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CCC 2011 : The 26th IEEE Conference on Computational Complexity


When Jun 8, 2011 - Jun 10, 2011
Where San Jose, California
Submission Deadline Dec 8, 2010
Notification Due Feb 18, 2011
Final Version Due Mar 11, 2011
Categories    artificial intelligence   machine learning   computational intelligence   computer science

Call For Papers

CCC 2011: Call for Papers
Purpose and Scope
The conference seeks original research papers in all areas of computational complexity theory, studying the absolute and relative power of computational models under resource constraints. Typical models include deterministic, nondeterministic, randomized, and quantum models; uniform and non-uniform models; Boolean,
algebraic, and continuous models. Typical resource constraints involve time, space, randomness, program size, input queries, communication, and entanglement; worst-case as well as average-case. Other, more specific, topics include: probabilistic and interactive proof systems, inapproximability, proof complexity, descriptive complexity, and complexity-theoretic aspects of cryptography and learning theory. The conference also encourages results from other areas of computer science and mathematics motivated by computational complexity theory.

Location and Dates
The 2011 conference will be part of FCRC 2011 and will be held from June 8th to June 10th, 2011, in San Jose, California. The Federated Computing Research Conference (FCRC) is a bringing together of several related conferences in one place and will take place from June 4th to June 11th.

See the navigation list for the local arrangements site and to find travel information.

The conference is sponsored by the IEEE Computer Society Technical Committee for Mathematical Foundations of Computing in cooperation with the ACM Special Interest Group on Algorithms and Computation Theory (SIGACT) and the European Association of Theoretical Computer Science (EATCS).

Papers must be submitted electronically to the submissions server, when it becomes available. A submission must be received by December 8th, 2010, 19:59 EST, for consideration. Notification of acceptance will be sent by February 18th, 2011, and final copies will be due by March 11th, 2011.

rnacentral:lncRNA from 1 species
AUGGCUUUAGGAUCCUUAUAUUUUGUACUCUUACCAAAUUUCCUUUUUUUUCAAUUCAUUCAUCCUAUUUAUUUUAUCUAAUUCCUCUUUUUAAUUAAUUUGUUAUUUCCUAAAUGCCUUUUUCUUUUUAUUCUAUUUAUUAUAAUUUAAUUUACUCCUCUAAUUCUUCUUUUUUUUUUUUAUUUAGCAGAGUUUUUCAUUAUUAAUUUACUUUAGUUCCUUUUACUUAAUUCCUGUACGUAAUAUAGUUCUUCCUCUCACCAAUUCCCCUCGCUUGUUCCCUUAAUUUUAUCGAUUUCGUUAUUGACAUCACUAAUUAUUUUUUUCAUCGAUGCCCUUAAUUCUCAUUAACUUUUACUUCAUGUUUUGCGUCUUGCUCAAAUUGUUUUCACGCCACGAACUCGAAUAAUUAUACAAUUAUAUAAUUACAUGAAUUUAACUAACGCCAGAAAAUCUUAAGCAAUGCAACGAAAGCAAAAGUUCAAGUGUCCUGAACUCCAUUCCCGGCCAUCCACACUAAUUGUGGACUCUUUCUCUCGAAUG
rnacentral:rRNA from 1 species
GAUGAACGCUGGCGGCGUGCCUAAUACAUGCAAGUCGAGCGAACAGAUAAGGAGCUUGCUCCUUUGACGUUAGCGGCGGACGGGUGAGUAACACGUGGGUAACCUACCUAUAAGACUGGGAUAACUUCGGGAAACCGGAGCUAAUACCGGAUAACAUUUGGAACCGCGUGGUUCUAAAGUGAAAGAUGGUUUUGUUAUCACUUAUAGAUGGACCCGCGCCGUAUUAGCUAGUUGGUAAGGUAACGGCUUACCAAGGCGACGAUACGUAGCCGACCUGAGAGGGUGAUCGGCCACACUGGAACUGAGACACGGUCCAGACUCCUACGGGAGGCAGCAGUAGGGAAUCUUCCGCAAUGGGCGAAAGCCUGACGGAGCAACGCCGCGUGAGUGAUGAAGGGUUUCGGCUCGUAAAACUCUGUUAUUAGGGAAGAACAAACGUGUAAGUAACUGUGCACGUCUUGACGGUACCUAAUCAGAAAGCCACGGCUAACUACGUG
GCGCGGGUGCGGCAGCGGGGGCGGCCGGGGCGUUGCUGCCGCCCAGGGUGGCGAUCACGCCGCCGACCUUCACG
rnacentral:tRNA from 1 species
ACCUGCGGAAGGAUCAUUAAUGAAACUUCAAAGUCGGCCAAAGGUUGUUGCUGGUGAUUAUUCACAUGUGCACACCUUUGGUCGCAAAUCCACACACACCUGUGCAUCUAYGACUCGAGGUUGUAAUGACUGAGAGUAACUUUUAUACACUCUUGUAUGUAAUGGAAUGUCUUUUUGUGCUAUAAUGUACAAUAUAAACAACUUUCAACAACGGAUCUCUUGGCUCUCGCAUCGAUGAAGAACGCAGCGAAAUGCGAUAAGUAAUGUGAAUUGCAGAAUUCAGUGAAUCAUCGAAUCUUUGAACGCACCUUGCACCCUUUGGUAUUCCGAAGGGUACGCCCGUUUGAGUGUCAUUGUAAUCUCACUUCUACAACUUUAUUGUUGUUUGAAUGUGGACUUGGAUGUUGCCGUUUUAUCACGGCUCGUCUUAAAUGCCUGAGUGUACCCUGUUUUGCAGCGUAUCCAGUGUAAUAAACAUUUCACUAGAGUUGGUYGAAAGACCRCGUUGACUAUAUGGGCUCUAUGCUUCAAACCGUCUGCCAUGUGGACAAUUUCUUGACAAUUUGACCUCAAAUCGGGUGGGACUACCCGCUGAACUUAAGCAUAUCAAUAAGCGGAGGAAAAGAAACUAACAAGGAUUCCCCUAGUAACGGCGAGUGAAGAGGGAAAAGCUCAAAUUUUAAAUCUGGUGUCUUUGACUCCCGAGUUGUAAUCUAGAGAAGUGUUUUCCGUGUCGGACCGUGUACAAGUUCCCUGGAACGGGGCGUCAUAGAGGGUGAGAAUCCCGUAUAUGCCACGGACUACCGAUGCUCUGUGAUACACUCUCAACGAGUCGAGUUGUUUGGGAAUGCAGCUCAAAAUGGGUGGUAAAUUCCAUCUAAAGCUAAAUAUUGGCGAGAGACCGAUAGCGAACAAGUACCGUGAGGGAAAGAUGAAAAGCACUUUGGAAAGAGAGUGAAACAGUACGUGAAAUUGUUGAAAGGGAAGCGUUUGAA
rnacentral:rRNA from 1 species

A submission consists of a title page (containing the title, author names and affiliations, and an abstract), a body of no more than 10 pages, a bibliography, and possible appendices. The paper should be in single-column format, use at least 11-point font, and have standard margins and spacing between lines. Submissions deviating from these guidelines risk summary rejection. In the body of the paper (i) explain what the major contributions are, (ii) convey why they are interesting, (iii) tell how they relate to prior work, and (iv) present the main ideas behind them. Use appendices to substantiate technical claims. The appendices will be read at the discretion of the Program Committee.
Material which has been previously published in a journal or another conference proceedings, or which is scheduled for publication prior to July 2011 will not be considered for acceptance. Simultaneous submission of the same or essentially the same material to a journal or another conference with published proceedings (including
STOC) is not allowed. Authors are encouraged to submit their papers to the Electronic Colloquium on Computational Complexity.

Presenting the work
Authors of accepted papers are expected to present their work at the conference. The program committee will determine time allocations for presentations (between 15 and 45 minutes). Conference proceedings will be published by the IEEE Computer Society. Publication in the conference proceedings does not preclude subsequent journal publication.

Ronald V. Book Prize for Best Student Paper
This award will be given to the best paper written solely by one or more students. An abstract is eligible if all authors are full-time students at the time of submission. This should be indicated in the submission registration message or cover letter. The program committee may decline to make the award or may split it among several papers.

Best Paper Award
This award will be given to the best paper submitted to the conference. This will be awarded by the program committee. The program committee may decline to make the award or may split it among several papers.

Program Committee
Albert Atserias, UPC Barcelona
Richard Beigel, Temple U.
Dmitry Gavinsky, NEC Labs, US
Tali Kaufman, Bar-Ilan U. and Weizmann Inst.
Johannes Koebler, Humboldt U.
Toni Pitassi, U. of Toronto
Prasad Raghavendra, Georgia Tech
Anup Rao, U. of Washington
Ran Raz, Weizmann Institute
Omer Reingold (chair), MSR
Nitin Saxena, Hausdorff Center, Bonn

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